RBC asks Canadians what’s stopping them from embracing entrepreneurship


A recent RBC survey found that while 57 percent of Canadians would like to start their own business, only 36 percent of Canadians who thought about starting their own business actually started one. In light of that information, has RBC released the results of its RBC Entrepreneur Poll, a survey including 1,005 Canadians, to find out the most-cited barriers that discourage people from pursuing entrepreneurship.

The top barrier keeping people from starting their own business was a lack of capital.

“Entrepreneurs play a key role in our economy by creating jobs, stimulating growth and encouraging innovation and creativity,” said Sarah Adams, vice-president of small business at RBC. “They are the backbone of our economy so it’s important that we provide them with the advice and support so that they can compete and be successful.”

While Canadian entrepreneurs often complain about the struggles to get funded in Canada, would-be entrepreneurs echoed these fears: the top barrier keeping people from starting their own business was a lack of capital, with 44 percent of participants saying this was the biggest issue. A steady income was the second-largest factor at 38 percent, while fear of failure and not knowing how to start a company were cited as reasons by 29 and 28 percent, respectively.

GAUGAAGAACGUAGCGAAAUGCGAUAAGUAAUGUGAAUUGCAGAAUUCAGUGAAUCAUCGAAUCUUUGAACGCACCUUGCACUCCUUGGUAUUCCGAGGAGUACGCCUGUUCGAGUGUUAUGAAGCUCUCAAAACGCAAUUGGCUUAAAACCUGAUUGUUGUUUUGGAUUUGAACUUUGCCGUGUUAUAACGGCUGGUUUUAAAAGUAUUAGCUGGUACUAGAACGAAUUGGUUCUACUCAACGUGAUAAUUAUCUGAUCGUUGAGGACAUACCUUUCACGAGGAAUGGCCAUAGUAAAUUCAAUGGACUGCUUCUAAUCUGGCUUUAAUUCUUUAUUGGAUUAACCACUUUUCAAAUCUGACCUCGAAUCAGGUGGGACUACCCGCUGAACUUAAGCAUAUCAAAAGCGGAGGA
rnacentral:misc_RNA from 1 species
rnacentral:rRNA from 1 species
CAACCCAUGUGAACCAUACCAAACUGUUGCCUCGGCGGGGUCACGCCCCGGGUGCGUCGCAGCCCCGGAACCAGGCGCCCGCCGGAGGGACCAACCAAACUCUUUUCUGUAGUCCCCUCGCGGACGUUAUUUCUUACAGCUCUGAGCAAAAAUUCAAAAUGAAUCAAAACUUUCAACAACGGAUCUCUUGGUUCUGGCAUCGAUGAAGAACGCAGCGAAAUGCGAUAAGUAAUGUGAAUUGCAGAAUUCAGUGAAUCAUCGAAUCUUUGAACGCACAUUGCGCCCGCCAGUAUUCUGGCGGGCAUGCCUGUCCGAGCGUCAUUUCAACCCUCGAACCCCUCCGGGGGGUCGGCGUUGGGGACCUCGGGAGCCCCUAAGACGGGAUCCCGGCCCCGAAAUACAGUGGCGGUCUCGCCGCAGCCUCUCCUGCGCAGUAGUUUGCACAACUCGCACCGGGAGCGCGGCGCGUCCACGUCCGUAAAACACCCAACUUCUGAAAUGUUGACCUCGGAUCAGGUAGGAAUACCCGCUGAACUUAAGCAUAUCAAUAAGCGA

The poll found that millennials are a big group of aspiring entrepreneurs, with 67 percent saying they have thought of starting their own businesses. While they also lacked capital, most of them (34 percent) said they didn’t know where to start, while 23 percent of those surveyed said they had too much debt, such as student loans.

Jessica Galang

Jessica Galang

Freelance tech writer. Former BetaKit News Editor.